After nearly three years, I finally took the plunge and left the twins with someone they're not related to. Predictably on their first day of playgroup, I cried. Even more predictably, they didn't. After a bit of initial nervousness from G (T shot onto the nearest slide without a second glance), they absolutely loved it, and didn't mind me leaving them one bit. So, we decided to make a big girl week of it, and converted their cots into beds. To say they were delighted wouldn't even be coming close. G, with her fiercely independent streak, was utterly overjoyed to be able to get out whenever she pleased and kept stepping to the side and getting back in, whereas T loved the 360-degree legroom and immediately resolved to sleep sideways. But despite their enthusiasm, once the door was shut, they left M alone to drop off, and played happily (if a little loudly) without causing any real trouble until they eventually passed out. Can't believe we didn't do it sooner. And they're not the only ones knocking down the milestones. My little M has taken her first steps and said her first words! The other day, she managed an impressive six steps, and I'm hoping her newfound skills on the floor distract her from her more vertical obsession of climbing up on everything... At least I can always hear when she's up to something. She shocked us by suddenly moving from babbling to copying whatever we say, then quite clearly being able to say cat, chair and Charley Bear all by herself! The twins were always ahead with language but M is speaking months before they did. I can only assume she's getting an early start just so she can get a word in...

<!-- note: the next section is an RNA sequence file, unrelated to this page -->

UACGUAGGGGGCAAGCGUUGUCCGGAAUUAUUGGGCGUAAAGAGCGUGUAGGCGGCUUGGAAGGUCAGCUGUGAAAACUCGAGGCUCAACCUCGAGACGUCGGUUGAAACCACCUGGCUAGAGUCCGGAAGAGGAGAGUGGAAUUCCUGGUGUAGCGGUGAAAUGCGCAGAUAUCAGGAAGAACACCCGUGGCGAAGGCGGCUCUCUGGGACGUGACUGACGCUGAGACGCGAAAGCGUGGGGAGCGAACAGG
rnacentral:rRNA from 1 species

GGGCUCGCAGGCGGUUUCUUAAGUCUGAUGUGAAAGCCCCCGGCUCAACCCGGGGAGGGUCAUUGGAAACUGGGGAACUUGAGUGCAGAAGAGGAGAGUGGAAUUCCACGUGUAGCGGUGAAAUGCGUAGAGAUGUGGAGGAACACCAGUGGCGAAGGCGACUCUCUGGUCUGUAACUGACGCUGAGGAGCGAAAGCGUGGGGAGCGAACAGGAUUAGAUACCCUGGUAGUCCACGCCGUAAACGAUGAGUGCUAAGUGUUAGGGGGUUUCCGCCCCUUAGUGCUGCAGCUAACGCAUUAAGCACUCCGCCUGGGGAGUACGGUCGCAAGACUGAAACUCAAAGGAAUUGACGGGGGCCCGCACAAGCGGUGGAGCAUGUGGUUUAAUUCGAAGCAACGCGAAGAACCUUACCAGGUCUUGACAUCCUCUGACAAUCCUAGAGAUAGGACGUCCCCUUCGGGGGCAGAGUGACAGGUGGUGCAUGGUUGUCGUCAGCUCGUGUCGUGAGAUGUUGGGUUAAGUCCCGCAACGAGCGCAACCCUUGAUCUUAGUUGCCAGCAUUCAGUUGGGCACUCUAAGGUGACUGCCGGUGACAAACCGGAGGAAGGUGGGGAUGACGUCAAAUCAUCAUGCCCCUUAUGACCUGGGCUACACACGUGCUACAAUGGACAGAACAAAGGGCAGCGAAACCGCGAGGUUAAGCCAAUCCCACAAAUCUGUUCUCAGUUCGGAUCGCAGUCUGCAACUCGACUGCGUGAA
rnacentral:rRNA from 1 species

But just when we were revelling in how clever they all were, T started sniffling. She doubtless picked something up at playgroup, and I knew straight away we were in trouble. Within a day or so, all three were sniffing and sneezing and coughing. M, who still uses a dummy to sleep, had no choice but to learn to go without it, as she simply couldn't breathe, while the twins once-rare night-time cries became a constant alarm call. It was a nightmare snot relay. One night, I spent over an hour in the girls' room settling M and finally got her in her cot, only for T to instantly wake up, screaming in distress. It was hell. The house smelt of menthol and cough medicine, and on one morning sick as M decided to top it all off by vomiting her breakfast up over her high chair. The twins spend the days whinging about being tired or fighting about absolutely everything, while M just shrieked and sobbed constantly.Sometimes, I really understand why people look shocked when we say we have three children under three. Most days, it's just all I know, and I wouldn't change it for the world. I always wanted to have children close together, and I still believe it's best to get these toddler years over in one go. But no one said it was going to be easy. It's anything but. It's bloody hard work, and at times like these, I really earn my money. Not that I get any money. Or holidays. Or days off. Or nights off. Erm, why did I think this was a good idea again?!